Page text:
by Catherine Devlin
It is impossible not to compare today’s billionaire space race to the iconic celestial competition of the 1960’s. But what if neither is worthy of adulation?
by Yanek Mieczkowski
Wary of government spending and the entanglement of public money with private contractors, Dwight Eisenhower would find much to like in today's billionaire space race.
by James Stejskal
The answer is only partly because of the concerns about Musk.
SOURCE: Bloomberg News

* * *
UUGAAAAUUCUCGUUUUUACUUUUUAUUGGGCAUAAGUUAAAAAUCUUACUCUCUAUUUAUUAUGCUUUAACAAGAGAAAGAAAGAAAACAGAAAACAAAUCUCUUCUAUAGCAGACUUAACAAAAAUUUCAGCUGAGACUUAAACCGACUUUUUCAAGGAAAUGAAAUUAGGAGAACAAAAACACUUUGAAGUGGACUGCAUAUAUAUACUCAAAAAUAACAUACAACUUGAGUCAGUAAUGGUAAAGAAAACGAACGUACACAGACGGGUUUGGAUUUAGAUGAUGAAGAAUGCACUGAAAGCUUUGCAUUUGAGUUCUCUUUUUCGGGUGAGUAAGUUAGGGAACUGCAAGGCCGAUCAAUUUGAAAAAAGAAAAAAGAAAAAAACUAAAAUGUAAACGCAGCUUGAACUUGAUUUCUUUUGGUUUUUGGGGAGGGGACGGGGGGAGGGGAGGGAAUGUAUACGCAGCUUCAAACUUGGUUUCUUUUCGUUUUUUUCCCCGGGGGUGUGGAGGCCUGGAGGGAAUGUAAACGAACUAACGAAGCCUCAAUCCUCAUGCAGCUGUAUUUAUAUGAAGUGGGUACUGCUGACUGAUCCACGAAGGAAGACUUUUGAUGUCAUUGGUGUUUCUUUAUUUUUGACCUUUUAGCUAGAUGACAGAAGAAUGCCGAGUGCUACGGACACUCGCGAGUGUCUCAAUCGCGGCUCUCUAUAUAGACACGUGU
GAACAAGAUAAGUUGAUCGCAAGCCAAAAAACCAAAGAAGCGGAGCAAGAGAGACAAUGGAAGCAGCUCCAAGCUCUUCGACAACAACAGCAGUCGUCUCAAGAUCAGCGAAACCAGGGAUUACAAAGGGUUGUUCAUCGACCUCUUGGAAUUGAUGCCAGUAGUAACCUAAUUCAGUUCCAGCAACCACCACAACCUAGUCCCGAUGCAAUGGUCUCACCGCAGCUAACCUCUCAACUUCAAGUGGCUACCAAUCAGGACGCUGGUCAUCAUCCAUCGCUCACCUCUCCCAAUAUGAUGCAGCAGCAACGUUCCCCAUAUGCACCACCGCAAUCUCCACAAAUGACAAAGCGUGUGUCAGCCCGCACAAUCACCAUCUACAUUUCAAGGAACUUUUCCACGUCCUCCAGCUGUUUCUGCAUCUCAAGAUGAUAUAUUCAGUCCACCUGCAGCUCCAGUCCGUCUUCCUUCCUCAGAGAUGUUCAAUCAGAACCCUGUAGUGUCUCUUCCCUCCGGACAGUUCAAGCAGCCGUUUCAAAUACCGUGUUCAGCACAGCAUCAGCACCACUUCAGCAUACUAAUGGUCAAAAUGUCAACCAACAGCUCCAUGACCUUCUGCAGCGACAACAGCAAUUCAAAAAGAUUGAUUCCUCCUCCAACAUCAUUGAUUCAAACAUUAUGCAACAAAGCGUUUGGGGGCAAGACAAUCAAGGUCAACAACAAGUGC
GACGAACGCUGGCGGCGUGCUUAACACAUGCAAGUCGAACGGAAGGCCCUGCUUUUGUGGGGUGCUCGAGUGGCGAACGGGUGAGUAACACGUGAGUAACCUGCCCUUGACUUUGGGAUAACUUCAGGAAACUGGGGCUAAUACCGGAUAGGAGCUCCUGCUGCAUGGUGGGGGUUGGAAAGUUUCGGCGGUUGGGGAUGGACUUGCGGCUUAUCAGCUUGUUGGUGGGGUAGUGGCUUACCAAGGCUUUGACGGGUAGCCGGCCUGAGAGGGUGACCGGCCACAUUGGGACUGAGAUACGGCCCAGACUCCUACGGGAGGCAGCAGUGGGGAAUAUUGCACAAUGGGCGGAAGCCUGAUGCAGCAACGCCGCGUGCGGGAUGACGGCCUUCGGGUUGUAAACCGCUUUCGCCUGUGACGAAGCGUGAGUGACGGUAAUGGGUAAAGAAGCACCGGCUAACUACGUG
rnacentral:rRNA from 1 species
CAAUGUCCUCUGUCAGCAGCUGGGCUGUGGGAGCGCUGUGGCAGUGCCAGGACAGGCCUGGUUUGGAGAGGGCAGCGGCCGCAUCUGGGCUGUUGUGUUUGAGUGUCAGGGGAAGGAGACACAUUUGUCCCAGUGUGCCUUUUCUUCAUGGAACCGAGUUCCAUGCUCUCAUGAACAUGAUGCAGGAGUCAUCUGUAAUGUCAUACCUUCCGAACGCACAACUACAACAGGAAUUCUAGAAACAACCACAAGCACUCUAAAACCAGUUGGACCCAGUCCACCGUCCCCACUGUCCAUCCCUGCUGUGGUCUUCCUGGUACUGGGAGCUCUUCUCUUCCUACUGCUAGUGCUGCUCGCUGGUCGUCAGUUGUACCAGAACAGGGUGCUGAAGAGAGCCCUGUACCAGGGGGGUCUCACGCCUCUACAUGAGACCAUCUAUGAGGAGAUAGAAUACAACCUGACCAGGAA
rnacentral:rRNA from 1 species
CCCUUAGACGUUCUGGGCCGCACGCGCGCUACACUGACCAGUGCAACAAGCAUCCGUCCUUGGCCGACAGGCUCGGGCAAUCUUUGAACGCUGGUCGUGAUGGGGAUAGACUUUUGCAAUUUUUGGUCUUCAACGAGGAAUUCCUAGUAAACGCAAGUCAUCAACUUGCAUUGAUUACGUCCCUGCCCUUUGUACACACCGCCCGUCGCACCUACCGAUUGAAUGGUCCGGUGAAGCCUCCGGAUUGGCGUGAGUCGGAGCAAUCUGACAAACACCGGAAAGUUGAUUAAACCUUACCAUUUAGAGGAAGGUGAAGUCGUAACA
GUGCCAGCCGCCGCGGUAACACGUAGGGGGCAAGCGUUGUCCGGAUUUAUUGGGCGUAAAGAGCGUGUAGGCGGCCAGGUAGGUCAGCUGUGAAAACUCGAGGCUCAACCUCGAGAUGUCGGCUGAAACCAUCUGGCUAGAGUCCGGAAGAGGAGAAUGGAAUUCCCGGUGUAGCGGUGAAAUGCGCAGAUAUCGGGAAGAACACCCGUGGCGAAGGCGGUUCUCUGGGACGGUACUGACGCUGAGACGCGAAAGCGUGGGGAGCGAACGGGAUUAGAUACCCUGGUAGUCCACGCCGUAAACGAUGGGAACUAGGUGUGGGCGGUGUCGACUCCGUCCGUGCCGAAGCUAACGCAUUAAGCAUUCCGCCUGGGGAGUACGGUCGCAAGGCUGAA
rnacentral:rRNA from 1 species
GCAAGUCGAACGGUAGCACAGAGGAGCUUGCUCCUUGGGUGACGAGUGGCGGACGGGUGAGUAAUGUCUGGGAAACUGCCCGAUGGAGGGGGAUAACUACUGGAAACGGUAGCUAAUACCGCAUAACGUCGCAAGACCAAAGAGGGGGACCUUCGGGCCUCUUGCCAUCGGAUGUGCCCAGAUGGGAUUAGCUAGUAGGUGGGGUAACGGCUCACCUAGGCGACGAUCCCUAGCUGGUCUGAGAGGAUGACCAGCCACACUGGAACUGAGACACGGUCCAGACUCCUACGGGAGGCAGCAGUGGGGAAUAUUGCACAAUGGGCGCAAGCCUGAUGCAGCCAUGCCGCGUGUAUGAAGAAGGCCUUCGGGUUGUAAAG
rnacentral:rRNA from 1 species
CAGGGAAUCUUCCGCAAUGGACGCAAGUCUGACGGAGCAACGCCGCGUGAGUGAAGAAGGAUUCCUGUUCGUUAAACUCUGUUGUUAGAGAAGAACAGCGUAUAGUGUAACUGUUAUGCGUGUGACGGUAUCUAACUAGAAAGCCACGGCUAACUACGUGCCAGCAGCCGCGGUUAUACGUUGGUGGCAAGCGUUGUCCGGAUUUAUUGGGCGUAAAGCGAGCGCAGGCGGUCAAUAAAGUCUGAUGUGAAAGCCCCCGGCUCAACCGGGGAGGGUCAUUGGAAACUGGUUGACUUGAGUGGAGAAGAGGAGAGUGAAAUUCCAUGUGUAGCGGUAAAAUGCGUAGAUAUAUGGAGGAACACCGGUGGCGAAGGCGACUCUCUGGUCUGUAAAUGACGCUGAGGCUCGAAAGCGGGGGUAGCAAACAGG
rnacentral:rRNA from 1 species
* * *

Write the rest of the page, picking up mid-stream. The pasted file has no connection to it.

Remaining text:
Stephen Mihm, an associate professor of history at the University of Georgia, is a contributor to the Ticker. Follow him on TwitterAh, the “hyperloop.” Elon Musk, whose track record as a technological visionary is unimpeachable, has released details of his plan for a futuristic system of transport. The basic idea is to use air pressure to shoot people-carrying pods through tubes at speeds of up to 760 miles per hour.With all due respect to Mr. Musk, the idea isn’t new. This has been pointed out by some commentators, who have noted that in 1972 Rand Corporation researcher R. M. Salter released a proposal to ferry passengers from New York to Los Angles in a mere 21 minutes, or 14 minutes less than the hyperloop would take to send them from Los Angeles to San Francisco. But at its heart, Musk’s project is even more old school: It owes most of its inspiration to ideas that have been around for two hundred years.
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